NOTE: CNA majors must complete at least three courses (9 credit hours) above the CNA major to receive the CNS minor.

Click here to read course descriptions for Computer and Network Security

Plan to Graduate

This is the suggested plan of study to graduate in four years with a degree in Computer and Network Security. This plan assumes the student has not satisfied the foreign language requirement (three years of foreign language in high school).

Year One

†CSCI 140 Foundations of Comp. Sci. 3 †CSCI 270 3
CSCI 101 3 Humanities 3
†COMM 129 Intro to Public Speaking 3 IL 101 Information Literacy 1
†ENGL 101 English Composition 3 KIN 149 Wellness Concepts 1
Creative Arts 3 PHIL 100/200 Level 3
Natural Science 3
Total Credits 15 Total Credits 14

Year Two

CRJU 101 Intro to Criminal Justice 3 CRJU 221 Criminal Law & Procedure 3 CRJU 101
CSCI 185 3 CSCI 450 3 CSCI 270
THEO 100-200 Level 3 Elective, non-CIS 3
Foreign Language 101 3 Foreign Language 102 3
KIN Activity 1-2 THEO, PHIL, Catholic Studies, Justice 3
Elective, non-CIS 3
Total Credits 16-17 Total Credits 15

Year Three

CSCI 365 3 †CSCI 270 ‡CSCI 450 or CSCI 499 3 †CSCI 270
CRJU 102 3 CSCI 415 3 †CSCI 140 and CSCI 281
CRJU 411 3 Electives 6
Electives 6 Electives, non-CIS 3
Total Credits 15 Total Credits 15

Year Four

CSCI 425 3 †CSCI 270 CSCI 375 3 CSCI 365
WI-CSCI 435 3 †ENGL 101 and
Jr. or Sr. Standing
CRJU 342 3 CRJU 101
# Humanities 3 Elective, non-CIS 3
THEO/PHIL/CATH 300+level 3 Electives 6
Elective 3
Total Credits 15 Total Credits 15

WI=writing intensive
† CIS Department majors/minors must pass this course with a C or better
‡ This course may be repeated for credit provided the programming language is not repeated
# Must be taken from two different departments


Scholarships and Grants

For academic/merit-based awards, eligible students are matched to the qualifying award; some of them are listed below.

For need-based support, eligibility is determined by the Free Application for Federal Student Aid (FAFSA).

You may also qualify for a scholarship or grant due to your talent in the fine arts or athletics. Give us a call or send an email so we can get to know you and find the best package for you. (You're also encouraged to seek outside scholarships and begin that search early.)

Institutional scholarships (2018-19)

To receive an institutional grant or scholarship students must meet specific criteria, and some may require a certain GPA to stay eligible. There is no need to apply for these; students automatically are eligible if they meet the criteria.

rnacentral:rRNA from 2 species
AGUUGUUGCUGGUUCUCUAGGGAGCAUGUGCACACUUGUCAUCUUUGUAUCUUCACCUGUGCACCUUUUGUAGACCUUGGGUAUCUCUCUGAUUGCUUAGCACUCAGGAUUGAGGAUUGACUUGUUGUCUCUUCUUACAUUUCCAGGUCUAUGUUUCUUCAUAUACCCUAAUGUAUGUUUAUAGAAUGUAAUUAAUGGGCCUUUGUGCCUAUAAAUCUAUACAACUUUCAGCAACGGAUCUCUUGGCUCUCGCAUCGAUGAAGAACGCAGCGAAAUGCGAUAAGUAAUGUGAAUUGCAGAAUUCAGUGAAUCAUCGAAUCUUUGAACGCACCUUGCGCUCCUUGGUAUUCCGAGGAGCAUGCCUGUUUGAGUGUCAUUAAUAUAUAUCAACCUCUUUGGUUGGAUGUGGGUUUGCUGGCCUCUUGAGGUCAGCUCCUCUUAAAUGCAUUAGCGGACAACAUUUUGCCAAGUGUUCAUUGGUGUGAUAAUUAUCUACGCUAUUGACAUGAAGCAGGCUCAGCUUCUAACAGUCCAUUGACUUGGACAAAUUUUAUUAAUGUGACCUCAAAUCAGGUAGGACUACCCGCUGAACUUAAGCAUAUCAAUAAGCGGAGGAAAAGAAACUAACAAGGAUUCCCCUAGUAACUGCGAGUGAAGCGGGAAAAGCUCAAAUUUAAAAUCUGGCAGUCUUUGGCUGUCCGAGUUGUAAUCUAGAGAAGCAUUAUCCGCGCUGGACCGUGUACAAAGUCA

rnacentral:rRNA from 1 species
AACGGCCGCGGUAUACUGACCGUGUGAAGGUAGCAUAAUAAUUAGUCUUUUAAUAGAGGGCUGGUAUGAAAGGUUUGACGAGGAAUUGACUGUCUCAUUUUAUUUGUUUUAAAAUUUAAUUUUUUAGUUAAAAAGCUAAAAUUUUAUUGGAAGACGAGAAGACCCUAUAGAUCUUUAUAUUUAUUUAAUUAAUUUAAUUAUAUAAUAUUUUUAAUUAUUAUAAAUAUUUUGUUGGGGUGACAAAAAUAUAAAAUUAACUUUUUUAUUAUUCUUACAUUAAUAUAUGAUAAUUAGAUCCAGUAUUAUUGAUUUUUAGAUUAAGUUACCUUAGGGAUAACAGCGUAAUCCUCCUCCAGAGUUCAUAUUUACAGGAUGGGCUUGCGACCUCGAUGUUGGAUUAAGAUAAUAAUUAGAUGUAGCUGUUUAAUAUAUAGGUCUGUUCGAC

The Admissions Office calculates the award amount by using high school GPA and ACT/SAT scores.

Ambrose Scholar
For First Year, on-campus residents only. Straight As on high school transcript and a minimum 30 ACT score. Applicants who meet Ambrose Scholar criteria will be invited to compete for a full tuition scholarship for $@{17-18-Tuition}.

Trustee Scholar
$22,000/year - For First-year, on-campus residents only. Unweighted 3.8 GPA, 28+ACT. May be offset by state and/or federal aid if eligible.

Academic Scholarship
$14,000-17,000/year - Based on GPA and ACT/SAT score

University Grant
$12,000/year - Based on high school GPA and ACT/SAT score

Additional Awards

If you want to apply for any of the scholarships below, contact the Admissions Office.

Fine Arts Scholarships
Award based on performance and ability in art, music, or theatre. Includes the Michael Kennedy Theatre Scholarship. Audition or portfolio required.

Athletics Scholarships
Award varies. Based on performance and ability. Marching Band scholarships available. See below.

Freeman Pollard Minority Scholarship
$1,000 for on-campus students; $500 for off-campus. For accepted minority students.

Diocese of Davenport Catholic Parish Scholarship
Award varies. For First Year students only who are recommended by their parish pastor in the Diocese of Davenport. Recommendation to be completed by your pastor available here (pdf).

Father Welch Alumni Scholarship
$1,000/year. For on-campus students only whose parent is a St. Ambrose graduate.

Athletic Scholarships

The National Association of Intercollegiate Athletics (NAIA) awards millions of dollars annually to student-athletes at more than 250 colleges and universities. These scholarships allow you to earn a college education while competing in the sport that you love. At Ambrose, we embody that value of developing both the mind and body.